Basic Limited Partnership Structure
In a basic limited partnership, there are several passive investors (known as "Limited Partners" or "LPs") and the manager of the fund, (known as the "General Partner" or "GP"). The diagram below illustrates this basic structure.
Why is the limited partnership used? There are a few key reasons why limited partnerships are used for private equity funds.
- Tax pass-through entity. A limited partnership is treated as a "partnership" for federal tax purposes. The main benefit of this is that there is only one level of tax, at the investor level. Compare this to a C-corporation, where the federal government imposes taxes at the corporate level and at the shareholder level when the shareholder receives dividends.
- Limited liability for limited partners (investors). So long as a limited partner is not actively involved in the management of the fund, the limited partner has limited liability. This means that the most that a limited partner can lose is the total amount of its investment in the fund.
- GP control. A feature of limited partnerships is that the General Partner controls the fund, and has no investor oversight. In a corporation, the shareholders elect a board of directors, which has the power to hire and fire the management of the company. Nothing like a board of directors with power over management exists in a limited partnership structure.
- LP Advisory Committee. Most private equity funds do have an "advisory committee" which is composed of limited partners chosen by the GP to advise (not direct) the GP on matters such as valuations and conflicts of interest. These Limited Partner Advisory Committees (or "LPACs" as they are known) are advisory only - the GP has final say over matters relating to the fund. Note too that LPs on the LPAC cannot have management authority over the GP without jeopardizing their limited liability status as passive limited partners.
- Historical. The limited partnership structure has been around for a long time and has been used in the private equity industry for decades. There is a newer type of corporate vehicle called the limited liability company ("LLC") which been gaining traction as it is even more flexible than a limited partnership. Many GPs and private equity firms are structured as LLCs.
GP Unlimited Liability. One feature of limited partnerships is that the General Partner of the fund has unlimited liability for the debts and obligations of the fund. Recall that Limited Partners have limited liability for liabilities of the fund (so long as they are not actively involved int he management of the fund). If an individual acts as the GP, the individual has unlimited liability for the liabilities of the fund. Few individuals are willing to assume this unlimited liability, and so GPs are themselves organized as limited liability entities, commonly an LLC. While the LLC-GP has unlimited liability for the liabilities of the fund, the individual owners of the LLC have limited liability. Confusing? Sure, but keep in mind that protecting against liabilities is a key focus of any investment manager, and so multiple layers of entities are often used to protect the principals from unlimited liability.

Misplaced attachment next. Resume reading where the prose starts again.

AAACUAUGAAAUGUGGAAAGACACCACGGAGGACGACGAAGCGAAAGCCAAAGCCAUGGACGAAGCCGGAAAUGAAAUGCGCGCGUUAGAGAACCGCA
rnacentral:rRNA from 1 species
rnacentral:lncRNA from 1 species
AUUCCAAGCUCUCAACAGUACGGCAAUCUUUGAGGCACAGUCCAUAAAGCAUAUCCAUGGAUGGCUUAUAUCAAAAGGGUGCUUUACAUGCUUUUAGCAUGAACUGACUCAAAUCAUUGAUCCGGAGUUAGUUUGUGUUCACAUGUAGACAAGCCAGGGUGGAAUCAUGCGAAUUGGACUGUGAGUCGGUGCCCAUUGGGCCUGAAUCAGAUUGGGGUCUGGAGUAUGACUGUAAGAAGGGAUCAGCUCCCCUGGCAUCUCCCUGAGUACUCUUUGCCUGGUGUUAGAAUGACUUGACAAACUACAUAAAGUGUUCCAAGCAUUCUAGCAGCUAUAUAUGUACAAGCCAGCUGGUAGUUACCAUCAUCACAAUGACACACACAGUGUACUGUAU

Delaware. Another feature of US private equity limited partnerships is that the vast majority of these entities are organized in Delaware. Why Delaware? A couple of reasons. First is that Delaware is pro-management - this means that Delaware law in many instances favors the GP over LPs. Good for the GP, not so good for LPs. Second, Delaware has a very well-established body of law relating to limited partnerships, and so the certainty of the legal environment also helps.
Fund Term. Most private equity limited partnerships have a defined term - commonly 10 years, and typically have extension periods of one year each, at the discretion of the GP. Most private equity funds are specifically designed to wind-down and terminate over a period of time.
Advanced Limited Partnership Structure
Funds pay a management fee and profit share (known as "carried interest" or "carry") to the GP for the management of the fund. For several reasons, the management of the fund is usually contracted to an affiliated private equity firm (called the "PE Firm" for purposes of this post). The carried interest typically stays with the GP, but is allocated among the individual owners of the GP. In this way, the individuals who are actively investing the fund will receive the carried interest. GPs are also specific to a fund - once the fund winds down and terminates, so does the GP.
The PE Firm is a separate entity that provides management and investment services to the fund (and to subsequent and affiliated funds). Think of the PE Firm as a permanent entity that rents the office space, employs the investment professionals and staff, and provides investment and management services to its funds. The PE Firm is initially owned by the individuals who founded the firm. Also note that the ownership of the PE Firm and the GP may differ, and typically does over several funds as the PE Firm brings on new investment professionals.
Below is an illustration of the fund with the PE Firm shown.